12-inch vinyl records have been around for nearly a century now and are synonymous with the music industry. They are an exceptional kind of phonograph featuring a diameter of exactly 12 inches. As you can tell, the name is drawn from the diameter of these vinyl records, which are designed to hold music on two sides. Referred to as Long-Playing Records (or LPs for short), these records are ingeniously crafted from vinyl and can hold as much as 22 minutes of music on either side.
Vinyl 12-inch records were first popularized by Columbia Records back in 1948. Originally the brainchild of engineer Peter Carl Goldmark, vinyl records soon became a favorite format for musical albums. Until the compact disc was invented in the 80s, 12-inch vinyl records were the most common for all recorded audio files or music. One of the attributes that stood out about these vinyl records was a relatively longer playtime coupled with improved sound quality as compared to the 7-inch or the 10-inch record counterparts that were developed earlier on. Apart from that, the 12-inch records made it possible to package the albums more attractively and also make the artwork a lot more impressive. Generally, the improved record took the album experience to the next level.
Looking to purchase some 12-inch vinyl records? Here’s what you may expect!
Sound quality is perhaps the biggest advantage of the 12-inch vinyl record over digital and other analog forms of audio. They are designed from unique vinyl material that gives them a natural and warm sound. Not even modern-day digital formats such as MP3s and CDs can compare to the outstanding warmth and sound quality provided by the records. Other than that, the records come with a wide dynamic range. That implies that they can effortlessly handle sounds that are either softer or louder in a much better way than advanced digital formats. In other words, they offer a richer audio or music-listening encounter.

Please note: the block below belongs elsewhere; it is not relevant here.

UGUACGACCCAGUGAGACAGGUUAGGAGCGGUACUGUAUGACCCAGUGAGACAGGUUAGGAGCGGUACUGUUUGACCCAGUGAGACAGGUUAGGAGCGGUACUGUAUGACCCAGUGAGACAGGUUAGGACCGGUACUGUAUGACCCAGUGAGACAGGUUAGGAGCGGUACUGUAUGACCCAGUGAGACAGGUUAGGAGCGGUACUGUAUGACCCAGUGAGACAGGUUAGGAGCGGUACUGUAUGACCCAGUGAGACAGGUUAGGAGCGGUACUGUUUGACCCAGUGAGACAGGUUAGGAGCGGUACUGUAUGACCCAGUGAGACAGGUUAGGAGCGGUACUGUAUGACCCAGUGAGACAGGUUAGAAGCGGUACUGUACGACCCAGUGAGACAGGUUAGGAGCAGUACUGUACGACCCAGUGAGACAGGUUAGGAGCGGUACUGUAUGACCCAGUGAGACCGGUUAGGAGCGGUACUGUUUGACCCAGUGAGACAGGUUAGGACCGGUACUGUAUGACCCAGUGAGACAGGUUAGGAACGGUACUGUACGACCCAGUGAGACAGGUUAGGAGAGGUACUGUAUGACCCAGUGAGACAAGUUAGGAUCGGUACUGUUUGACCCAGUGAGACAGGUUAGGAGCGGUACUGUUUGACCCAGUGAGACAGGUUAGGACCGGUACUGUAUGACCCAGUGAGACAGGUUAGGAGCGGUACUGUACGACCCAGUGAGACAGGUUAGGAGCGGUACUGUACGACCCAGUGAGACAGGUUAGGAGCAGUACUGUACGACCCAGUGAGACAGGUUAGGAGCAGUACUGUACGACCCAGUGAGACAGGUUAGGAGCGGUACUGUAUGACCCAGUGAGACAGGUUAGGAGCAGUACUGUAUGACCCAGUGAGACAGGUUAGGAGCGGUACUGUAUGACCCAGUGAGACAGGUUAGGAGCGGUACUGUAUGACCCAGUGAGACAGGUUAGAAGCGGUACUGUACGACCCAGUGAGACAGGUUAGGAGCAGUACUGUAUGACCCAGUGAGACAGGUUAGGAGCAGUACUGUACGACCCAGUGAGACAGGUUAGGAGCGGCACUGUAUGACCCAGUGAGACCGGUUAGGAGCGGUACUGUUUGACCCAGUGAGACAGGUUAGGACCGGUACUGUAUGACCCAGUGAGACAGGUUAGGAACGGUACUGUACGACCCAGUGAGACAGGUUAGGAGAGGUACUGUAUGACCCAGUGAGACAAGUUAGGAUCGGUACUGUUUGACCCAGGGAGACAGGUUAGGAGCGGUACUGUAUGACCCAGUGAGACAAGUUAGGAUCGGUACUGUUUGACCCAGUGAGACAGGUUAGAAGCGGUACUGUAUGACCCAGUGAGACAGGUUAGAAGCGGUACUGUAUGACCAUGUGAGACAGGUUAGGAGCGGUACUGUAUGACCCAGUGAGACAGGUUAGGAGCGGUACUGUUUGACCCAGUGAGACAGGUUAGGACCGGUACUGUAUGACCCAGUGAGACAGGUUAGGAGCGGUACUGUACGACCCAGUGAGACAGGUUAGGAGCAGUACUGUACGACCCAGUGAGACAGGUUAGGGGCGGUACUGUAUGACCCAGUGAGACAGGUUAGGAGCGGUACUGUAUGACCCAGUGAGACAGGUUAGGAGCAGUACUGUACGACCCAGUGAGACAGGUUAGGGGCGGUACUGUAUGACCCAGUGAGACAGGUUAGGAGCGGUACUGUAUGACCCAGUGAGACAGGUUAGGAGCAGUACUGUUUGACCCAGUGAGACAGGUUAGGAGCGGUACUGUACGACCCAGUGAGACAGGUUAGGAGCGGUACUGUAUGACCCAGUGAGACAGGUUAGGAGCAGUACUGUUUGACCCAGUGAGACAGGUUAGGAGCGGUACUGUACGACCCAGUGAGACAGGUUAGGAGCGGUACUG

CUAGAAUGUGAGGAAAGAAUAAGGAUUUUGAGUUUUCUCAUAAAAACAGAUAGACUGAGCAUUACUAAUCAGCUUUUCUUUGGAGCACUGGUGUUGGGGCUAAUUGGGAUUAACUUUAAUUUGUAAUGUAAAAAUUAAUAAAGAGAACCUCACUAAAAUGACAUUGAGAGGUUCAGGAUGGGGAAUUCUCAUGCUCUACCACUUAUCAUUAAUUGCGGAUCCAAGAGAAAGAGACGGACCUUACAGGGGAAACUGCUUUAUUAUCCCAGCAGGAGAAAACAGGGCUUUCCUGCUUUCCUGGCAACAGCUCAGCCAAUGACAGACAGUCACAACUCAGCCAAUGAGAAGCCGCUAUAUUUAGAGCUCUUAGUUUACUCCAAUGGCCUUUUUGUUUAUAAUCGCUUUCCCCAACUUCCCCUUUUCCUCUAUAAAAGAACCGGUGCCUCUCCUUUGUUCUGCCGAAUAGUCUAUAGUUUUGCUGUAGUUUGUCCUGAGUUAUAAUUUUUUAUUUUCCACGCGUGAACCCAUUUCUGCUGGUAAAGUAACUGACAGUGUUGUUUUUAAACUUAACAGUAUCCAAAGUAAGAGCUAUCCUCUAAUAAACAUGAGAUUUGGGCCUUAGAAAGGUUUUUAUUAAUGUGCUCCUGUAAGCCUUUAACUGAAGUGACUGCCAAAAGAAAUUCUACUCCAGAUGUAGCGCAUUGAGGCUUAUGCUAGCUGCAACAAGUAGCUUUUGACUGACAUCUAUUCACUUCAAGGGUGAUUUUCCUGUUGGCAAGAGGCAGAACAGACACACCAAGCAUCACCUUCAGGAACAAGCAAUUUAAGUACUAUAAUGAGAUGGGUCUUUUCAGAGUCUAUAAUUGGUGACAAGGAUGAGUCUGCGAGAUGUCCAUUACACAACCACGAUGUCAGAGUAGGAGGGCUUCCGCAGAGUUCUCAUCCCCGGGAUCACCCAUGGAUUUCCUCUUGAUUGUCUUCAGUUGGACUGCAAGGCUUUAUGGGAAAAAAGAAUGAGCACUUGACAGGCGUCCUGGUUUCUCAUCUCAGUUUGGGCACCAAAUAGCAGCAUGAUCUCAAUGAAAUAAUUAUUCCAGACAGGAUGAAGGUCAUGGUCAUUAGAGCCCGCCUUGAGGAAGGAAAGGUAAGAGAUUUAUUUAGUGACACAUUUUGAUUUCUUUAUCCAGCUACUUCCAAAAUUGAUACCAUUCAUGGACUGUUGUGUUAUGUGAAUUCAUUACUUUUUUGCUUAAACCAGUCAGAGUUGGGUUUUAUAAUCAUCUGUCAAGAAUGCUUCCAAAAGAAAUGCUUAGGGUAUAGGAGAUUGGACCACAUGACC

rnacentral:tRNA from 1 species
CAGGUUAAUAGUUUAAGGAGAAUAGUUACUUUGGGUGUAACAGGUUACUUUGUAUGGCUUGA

Vinyl records provide unbeatable durability. CDs can scratch, and MP3s may be corrupted. With careful handling and proper storage, however, vinyl records can last just as long as – if not longer – than other audio formats.
In the past, a vinyl record may have been played thousands of times, potentially resulting in scratches or other breakdowns in the physical medium. However, the method of listening to music has changed with the times. Most audio is listened to in digital formats (e.g. streaming), while the vinyl record is played more on a special, rare occasion. With a reduced overall number of plays thanks to the combination of vinyl + digital audio experiences, a vinyl record can now last longer than ever!
Listening to music from vinyl records guarantees a high quality, clear sound. In addition to a high standard of sound quality, you can also enjoy uncommon longevity. Combining all these wonderful elements grants you a unique listening experience. Records are also visually and aesthetically appealing as they often feature album art. In addition, digital formats do not allow you the tactile experience of loading the record on a record player, setting the tone arm, and physically experiencing your music.